Sign your Code


Firefox Add-onsJust recently the new Firefox version 3.5 was released with many new features, whistle and bells….native video and audio support being one of them. Porn private browsing mode and super fast rendering just another. If you haven’t updated and tried the latest and greatest from the house of Mozilla, I highly recommend to do that now.

Another feature, albeit a lot less reported and modest is the addition of the Code Signing trust bit to the StartCom CA root. This means that applications and other code signed by a StartSSL code signing certificate are automatically trusted by Firefox. Since however applications and programs are typically installed at the operating system level instead the browser, this doesn’t sound to be such a useful feature, doesn’t it?

One of the clear advantages of the Mozilla Firefox browser is its huge repository of third party extensions, called “Add-ons“. They are mostly developed by third party developers and provide an easy way to customize and extend the browser according to specific needs. Those additions may be automatically updated like the browser itself, making their maintenance fairly easy and convenient.

One of the critical issues with installing additions to the browser are obviously security related. How does one know that the piece of code added to the browser isn’t tainted, modified during transit or otherwise problematic? You don’t want to install a key-logger stealing your passwords, right?

One way to secure code is by having the developer sign the extension with an authenticated certificate such as StartSSL™ Verified. This protects against tampering and modification, but also provides some details about the developer who signed the program. Of course it’s recommended to download and install programs or additions only from reliable sources. For Firefox extensions that means only those listed at the Mozilla Add-ons web site, because Mozilla asserts a certain control over its repository.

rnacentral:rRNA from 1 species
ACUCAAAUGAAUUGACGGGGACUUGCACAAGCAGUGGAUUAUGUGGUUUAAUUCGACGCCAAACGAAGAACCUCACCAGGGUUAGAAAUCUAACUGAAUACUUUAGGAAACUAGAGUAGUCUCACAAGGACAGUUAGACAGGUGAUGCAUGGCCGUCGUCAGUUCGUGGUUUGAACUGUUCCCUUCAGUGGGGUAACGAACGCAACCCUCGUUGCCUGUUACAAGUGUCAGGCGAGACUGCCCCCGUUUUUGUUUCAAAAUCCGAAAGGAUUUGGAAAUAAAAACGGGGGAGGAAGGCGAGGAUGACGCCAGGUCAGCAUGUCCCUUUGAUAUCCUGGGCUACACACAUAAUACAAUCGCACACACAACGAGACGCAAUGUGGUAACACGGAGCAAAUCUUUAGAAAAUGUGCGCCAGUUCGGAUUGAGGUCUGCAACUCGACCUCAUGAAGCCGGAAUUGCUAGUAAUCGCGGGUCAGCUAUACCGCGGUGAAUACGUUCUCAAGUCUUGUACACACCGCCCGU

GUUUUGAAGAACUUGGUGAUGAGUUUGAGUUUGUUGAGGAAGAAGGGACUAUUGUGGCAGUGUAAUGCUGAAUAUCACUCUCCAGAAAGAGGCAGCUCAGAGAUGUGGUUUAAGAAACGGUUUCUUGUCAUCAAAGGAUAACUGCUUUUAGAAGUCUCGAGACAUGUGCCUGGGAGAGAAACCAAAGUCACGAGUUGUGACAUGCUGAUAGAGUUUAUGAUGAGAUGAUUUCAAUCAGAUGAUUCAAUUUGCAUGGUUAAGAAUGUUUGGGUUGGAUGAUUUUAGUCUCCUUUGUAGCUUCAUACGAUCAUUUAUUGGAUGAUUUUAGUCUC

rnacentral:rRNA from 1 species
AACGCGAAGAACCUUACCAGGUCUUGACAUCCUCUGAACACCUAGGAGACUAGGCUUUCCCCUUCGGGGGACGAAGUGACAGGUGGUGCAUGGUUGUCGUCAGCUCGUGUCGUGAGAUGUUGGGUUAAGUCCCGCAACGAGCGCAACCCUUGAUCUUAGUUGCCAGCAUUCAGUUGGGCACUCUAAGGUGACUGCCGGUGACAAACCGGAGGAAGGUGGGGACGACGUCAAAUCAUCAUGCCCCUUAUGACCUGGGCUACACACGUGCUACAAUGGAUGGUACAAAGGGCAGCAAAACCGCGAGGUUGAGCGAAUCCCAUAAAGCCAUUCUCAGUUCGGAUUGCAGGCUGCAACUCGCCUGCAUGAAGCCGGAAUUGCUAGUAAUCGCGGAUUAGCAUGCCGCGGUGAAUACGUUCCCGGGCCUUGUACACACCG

Just recently I ranted about the The Geek Factor, but apparently some developers get it nevertheless simply right. So has for example Wladimir Palant, the developer of the highly popular Adblock Plus Firefox extension, announced that the adblockplus.org web site, including his EasyList subscriptions, will serve its content SSL secured from now on. More than that, he soon intends to sign the probably most popular Firefox extension with his new StartSSL™ code signing certificate.

Perhaps Mozilla should consider facilitating code signing certificates for its developer community in order to improve security, by providing them as a distributor without charge. But even without such an effort, the costs for code signing certificates aren’t prohibitive, should other developers like Wladimir decide to take security seriously. For a modest fee*, one doesn’t receive only a code signing certificate from StartCom, but also an unlimited amount of server certificates supporting the popular wild card feature. Compared with any meaningful offer by the competition, this is a fraction of the price one usually has to spend for any one of them.

And the best of all? Most software vendors already support or will support within a short time all certificates issued by StartCom, including Mozilla, Apple and Microsoft amongst others. StartCom clearly enables developers and software vendors to obtain digital certificates supported by the major platforms for reasonable fees. And by signing their code and securing their web sites, developers will be able to provide better security and protection for the benefit of their users and with it, add more value to their products. Did you sign yours already?

* US$ 29.90 Class 2 Validation

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Reader Comments

Eddy, before you get too enthusiastic you should let people also know about Wladimir Palant’s post on the difficulty of getting code signing certs to actually do anything useful with respect to signed extensions. (I know you’re aware of this issue, because I see your comments in bug 372980, but your readers may not be.)

That’s what we found out together after actually attempting to use it ;-)

After all it appears that Mozilla is making progress on the open issues and code signing is going to be a useful tool eventually.